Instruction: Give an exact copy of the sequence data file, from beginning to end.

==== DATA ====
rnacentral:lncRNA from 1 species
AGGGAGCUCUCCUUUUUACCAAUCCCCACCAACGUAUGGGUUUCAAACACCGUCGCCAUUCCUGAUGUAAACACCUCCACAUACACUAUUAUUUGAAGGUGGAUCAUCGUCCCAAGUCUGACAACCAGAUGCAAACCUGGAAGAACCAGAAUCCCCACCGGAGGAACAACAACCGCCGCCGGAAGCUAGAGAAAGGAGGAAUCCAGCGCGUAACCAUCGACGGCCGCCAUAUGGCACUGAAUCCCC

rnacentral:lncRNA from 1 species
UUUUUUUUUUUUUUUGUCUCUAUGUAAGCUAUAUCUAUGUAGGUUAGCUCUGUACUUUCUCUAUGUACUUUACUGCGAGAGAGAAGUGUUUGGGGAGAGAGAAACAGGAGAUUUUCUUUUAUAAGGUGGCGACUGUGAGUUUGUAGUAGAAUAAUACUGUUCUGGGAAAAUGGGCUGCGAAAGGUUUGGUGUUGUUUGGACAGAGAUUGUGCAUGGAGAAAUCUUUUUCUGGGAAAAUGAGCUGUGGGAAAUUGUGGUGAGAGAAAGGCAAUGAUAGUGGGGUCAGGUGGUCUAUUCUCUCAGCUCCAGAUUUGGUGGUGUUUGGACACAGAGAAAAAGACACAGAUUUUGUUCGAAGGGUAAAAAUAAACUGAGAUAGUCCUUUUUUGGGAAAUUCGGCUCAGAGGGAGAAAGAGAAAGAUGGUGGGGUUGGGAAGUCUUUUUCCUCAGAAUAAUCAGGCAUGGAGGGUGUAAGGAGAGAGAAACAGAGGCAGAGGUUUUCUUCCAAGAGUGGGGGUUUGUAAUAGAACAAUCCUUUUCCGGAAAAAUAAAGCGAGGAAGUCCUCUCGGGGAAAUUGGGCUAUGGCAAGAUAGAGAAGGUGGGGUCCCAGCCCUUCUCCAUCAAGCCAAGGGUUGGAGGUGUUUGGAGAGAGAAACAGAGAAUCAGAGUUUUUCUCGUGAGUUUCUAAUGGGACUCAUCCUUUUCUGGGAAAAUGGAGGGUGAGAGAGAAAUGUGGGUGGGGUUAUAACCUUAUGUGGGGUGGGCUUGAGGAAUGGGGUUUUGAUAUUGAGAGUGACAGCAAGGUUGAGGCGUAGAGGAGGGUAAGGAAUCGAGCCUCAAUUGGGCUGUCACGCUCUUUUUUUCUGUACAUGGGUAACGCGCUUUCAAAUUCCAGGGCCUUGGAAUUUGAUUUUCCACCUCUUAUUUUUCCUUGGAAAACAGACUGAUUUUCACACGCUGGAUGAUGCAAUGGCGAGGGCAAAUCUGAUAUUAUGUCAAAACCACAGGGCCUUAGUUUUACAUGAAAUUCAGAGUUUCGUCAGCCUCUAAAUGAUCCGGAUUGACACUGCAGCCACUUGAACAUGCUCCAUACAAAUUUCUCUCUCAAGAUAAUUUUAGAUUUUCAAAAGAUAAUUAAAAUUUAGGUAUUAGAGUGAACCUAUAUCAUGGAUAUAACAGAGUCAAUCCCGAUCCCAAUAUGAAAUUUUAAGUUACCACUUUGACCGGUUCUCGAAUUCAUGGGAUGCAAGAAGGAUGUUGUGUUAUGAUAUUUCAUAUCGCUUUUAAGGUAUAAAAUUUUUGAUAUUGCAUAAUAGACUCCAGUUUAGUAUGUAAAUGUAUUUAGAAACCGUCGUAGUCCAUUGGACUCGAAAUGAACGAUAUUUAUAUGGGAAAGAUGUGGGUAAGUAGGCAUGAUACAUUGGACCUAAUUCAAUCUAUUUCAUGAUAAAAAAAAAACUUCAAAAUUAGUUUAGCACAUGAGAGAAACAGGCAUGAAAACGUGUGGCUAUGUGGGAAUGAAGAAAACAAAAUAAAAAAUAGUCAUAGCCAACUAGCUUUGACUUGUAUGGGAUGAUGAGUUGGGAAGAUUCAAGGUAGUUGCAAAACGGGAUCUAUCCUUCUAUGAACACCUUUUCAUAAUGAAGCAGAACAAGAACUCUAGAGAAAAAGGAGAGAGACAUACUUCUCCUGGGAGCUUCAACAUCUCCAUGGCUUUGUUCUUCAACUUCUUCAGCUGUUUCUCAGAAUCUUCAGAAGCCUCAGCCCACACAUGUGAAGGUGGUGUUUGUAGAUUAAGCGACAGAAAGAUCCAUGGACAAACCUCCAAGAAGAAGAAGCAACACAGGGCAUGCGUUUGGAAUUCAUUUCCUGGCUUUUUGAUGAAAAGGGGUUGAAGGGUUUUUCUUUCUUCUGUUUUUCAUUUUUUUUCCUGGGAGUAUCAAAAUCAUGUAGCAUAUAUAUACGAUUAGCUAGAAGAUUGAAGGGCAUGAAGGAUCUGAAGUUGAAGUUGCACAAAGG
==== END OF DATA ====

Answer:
rnacentral:lncRNA from 1 species
AGGGAGCUCUCCUUUUUACCAAUCCCCACCAACGUAUGGGUUUCAAACACCGUCGCCAUUCCUGAUGUAAACACCUCCACAUACACUAUUAUUUGAAGGUGGAUCAUCGUCCCAAGUCUGACAACCAGAUGCAAACCUGGAAGAACCAGAAUCCCCACCGGAGGAACAACAACCGCCGCCGGAAGCUAGAGAAAGGAGGAAUCCAGCGCGUAACCAUCGACGGCCGCCAUAUGGCACUGAAUCCCC

rnacentral:lncRNA from 1 species
UUUUUUUUUUUUUUUGUCUCUAUGUAAGCUAUAUCUAUGUAGGUUAGCUCUGUACUUUCUCUAUGUACUUUACUGCGAGAGAGAAGUGUUUGGGGAGAGAGAAACAGGAGAUUUUCUUUUAUAAGGUGGCGACUGUGAGUUUGUAGUAGAAUAAUACUGUUCUGGGAAAAUGGGCUGCGAAAGGUUUGGUGUUGUUUGGACAGAGAUUGUGCAUGGAGAAAUCUUUUUCUGGGAAAAUGAGCUGUGGGAAAUUGUGGUGAGAGAAAGGCAAUGAUAGUGGGGUCAGGUGGUCUAUUCUCUCAGCUCCAGAUUUGGUGGUGUUUGGACACAGAGAAAAAGACACAGAUUUUGUUCGAAGGGUAAAAAUAAACUGAGAUAGUCCUUUUUUGGGAAAUUCGGCUCAGAGGGAGAAAGAGAAAGAUGGUGGGGUUGGGAAGUCUUUUUCCUCAGAAUAAUCAGGCAUGGAGGGUGUAAGGAGAGAGAAACAGAGGCAGAGGUUUUCUUCCAAGAGUGGGGGUUUGUAAUAGAACAAUCCUUUUCCGGAAAAAUAAAGCGAGGAAGUCCUCUCGGGGAAAUUGGGCUAUGGCAAGAUAGAGAAGGUGGGGUCCCAGCCCUUCUCCAUCAAGCCAAGGGUUGGAGGUGUUUGGAGAGAGAAACAGAGAAUCAGAGUUUUUCUCGUGAGUUUCUAAUGGGACUCAUCCUUUUCUGGGAAAAUGGAGGGUGAGAGAGAAAUGUGGGUGGGGUUAUAACCUUAUGUGGGGUGGGCUUGAGGAAUGGGGUUUUGAUAUUGAGAGUGACAGCAAGGUUGAGGCGUAGAGGAGGGUAAGGAAUCGAGCCUCAAUUGGGCUGUCACGCUCUUUUUUUCUGUACAUGGGUAACGCGCUUUCAAAUUCCAGGGCCUUGGAAUUUGAUUUUCCACCUCUUAUUUUUCCUUGGAAAACAGACUGAUUUUCACACGCUGGAUGAUGCAAUGGCGAGGGCAAAUCUGAUAUUAUGUCAAAACCACAGGGCCUUAGUUUUACAUGAAAUUCAGAGUUUCGUCAGCCUCUAAAUGAUCCGGAUUGACACUGCAGCCACUUGAACAUGCUCCAUACAAAUUUCUCUCUCAAGAUAAUUUUAGAUUUUCAAAAGAUAAUUAAAAUUUAGGUAUUAGAGUGAACCUAUAUCAUGGAUAUAACAGAGUCAAUCCCGAUCCCAAUAUGAAAUUUUAAGUUACCACUUUGACCGGUUCUCGAAUUCAUGGGAUGCAAGAAGGAUGUUGUGUUAUGAUAUUUCAUAUCGCUUUUAAGGUAUAAAAUUUUUGAUAUUGCAUAAUAGACUCCAGUUUAGUAUGUAAAUGUAUUUAGAAACCGUCGUAGUCCAUUGGACUCGAAAUGAACGAUAUUUAUAUGGGAAAGAUGUGGGUAAGUAGGCAUGAUACAUUGGACCUAAUUCAAUCUAUUUCAUGAUAAAAAAAAAACUUCAAAAUUAGUUUAGCACAUGAGAGAAACAGGCAUGAAAACGUGUGGCUAUGUGGGAAUGAAGAAAACAAAAUAAAAAAUAGUCAUAGCCAACUAGCUUUGACUUGUAUGGGAUGAUGAGUUGGGAAGAUUCAAGGUAGUUGCAAAACGGGAUCUAUCCUUCUAUGAACACCUUUUCAUAAUGAAGCAGAACAAGAACUCUAGAGAAAAAGGAGAGAGACAUACUUCUCCUGGGAGCUUCAACAUCUCCAUGGCUUUGUUCUUCAACUUCUUCAGCUGUUUCUCAGAAUCUUCAGAAGCCUCAGCCCACACAUGUGAAGGUGGUGUUUGUAGAUUAAGCGACAGAAAGAUCCAUGGACAAACCUCCAAGAAGAAGAAGCAACACAGGGCAUGCGUUUGGAAUUCAUUUCCUGGCUUUUUGAUGAAAAGGGGUUGAAGGGUUUUUCUUUCUUCUGUUUUUCAUUUUUUUUCCUGGGAGUAUCAAAAUCAUGUAGCAUAUAUAUACGAUUAGCUAGAAGAUUGAAGGGCAUGAAGGAUCUGAAGUUGAAGUUGCACAAAGG